Chiche valley debrief: German new routes in the shade of Nanga Parbat

Posted: Sep 16, 2010 06:31 pm EDT

Germans Christian Walter and Jens Sommerfeld were two of the climbers who ran to help the victims of the 2005 earthquake in Pakistan--Jens actually ended up moving to Islamabad, where he currently lives. Last month, the guys met up again this summer as Christian went for some cool climbs in Nanga Parbat range together with mate Stefan Wolf, just before the floods brought them back to the darkest side of life.

Christian and Jens were members in German Saxony Alpine Club, which performed relief works in Sakargah region after the earthquake that hit Pakistan in November 2005. Two years later they reported on a climbing expedition to Dofana Peak. Three weeks ago, they checked in from Islamabad.

"Besides the high air humidity, the living is quite fine here--no flooding," Christian reported. "While waiting for my departure plane, I've been rock climbing in the limestone crags of Margalla Hills."

"Jens Sommerfeld (the other gentleman from Sakargah) is now living in Islamabad and came up with the idea of opening sport-climbing routes nearby. Together with some friends, they've opened some pitches."

No one since Mummery

"The reason for being here, though, is that we are just back from Nanga Parbat Range. South of Rupal Valley there is a nearly unknown valley called Chiche," Christian recounted. "There is one impressive peak which you can see already from Mazeno Pass. It's not very tall (5,860m) but otherwise beautiful, and beholds an amazing story..."

"Remember Albert F. Mummery? O.K., it was some years before the launch of ExplorersWeb :-). It's widely known that he was lost in 1895, during an attempt to climb Nanga Parbat. Shortly before that, though, he also tried to climb Chiche Peak together with Norman Collie. They failed. And no one else had tried since then, so we did."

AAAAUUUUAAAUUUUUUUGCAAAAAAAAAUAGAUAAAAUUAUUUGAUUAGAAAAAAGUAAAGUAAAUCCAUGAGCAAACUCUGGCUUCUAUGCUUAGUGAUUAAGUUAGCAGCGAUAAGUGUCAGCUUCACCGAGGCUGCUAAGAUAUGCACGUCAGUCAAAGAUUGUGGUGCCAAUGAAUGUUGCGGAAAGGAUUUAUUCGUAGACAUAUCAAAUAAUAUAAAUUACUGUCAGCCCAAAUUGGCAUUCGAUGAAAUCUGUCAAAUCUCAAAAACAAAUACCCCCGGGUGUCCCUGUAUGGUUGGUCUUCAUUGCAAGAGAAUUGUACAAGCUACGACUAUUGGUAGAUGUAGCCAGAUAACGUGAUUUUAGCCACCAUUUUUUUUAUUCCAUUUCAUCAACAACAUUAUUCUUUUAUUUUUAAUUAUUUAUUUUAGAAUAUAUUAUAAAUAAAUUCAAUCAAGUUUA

Editor's Note: Mummery, Collie and Hastings led the first attempt on Nanga Parbat in a pioneering light-weight expedition back in 1895. Mummery and two Gurkhas were killed in a avalanche while scouting the Rakhiot Face.

"Firsts" collectors

"Team mate Stefan Wolf and I summited at 3:00PM on August 11, after climbing alpine style," Walter stated. "We had set up BC at 3,800 meters and bivouacked on the go at 5,200 meters. Most parts of the route were up to 55º steep. We found some solid ice on the upper sections, but had to fight loose snow on an extremely steep ramp just before the summit ridge."

"Previously, we had bagged three first climbs on nearby peaks which we climbed to acclimatize:

  • Shalmuki at 5,068 meters. The name means "hundred faces', which is a nice rock-climbing target. On August 1, we opened "Breathless", a 450-meter long route of UIAA VII degree climbing (which means "hard severe" in the climbing world), including some very nice crack pitches.

  • Nilo Peak at 4,986 meters (according to our GPS) is quite an easy rock scramble up to UIAA's III degree (difficult). We climbed it on August 4.

  • On August 5, we climbed a third peak on 45º ice ramps and UIAA's III degree on rock. We named it Gerd Markert Peak (4,966m), after a German climber who had died some weeks before.

  • Return to a flooded land

    "The area we were in was less affected by the flooding than others. Certainly, the rivers were difficult to cross since bridges had been swept away, but we managed them all. Once we used horses to cross a mountain stream. The real adventure was to get back to Islamabad though," Christian recalls.

    "We did it in a "block-to-block" manner: Find a car (with fuel), go to next landslide or missing bridge, cross it by foot, find the next car.... It took us 11 cars from Tarishing to Islamabad. Infrastructures are destroyed along the northern areas."

    Snow ramps and cornices on Chiche Peak.
    Image by Christian Walter courtesy Christian Walter
    Last meters before the bivouac at 5200m
    Image by Christian Walter courtesy Christian Walter
    Chiche Peak as seen from Mazeno Pass.
    Image by Christian Walter courtesy Christian Walter
    Opening of "Breathless" route on Shamulki peak.
    courtesy Christian Walter
    Gerd Markert Peak, named after a recently lost German climber.
    Image by Christian Walter courtesy Christian Walter
    Nilo Peak.
    Image by Christian Walter courtesy Christian Walter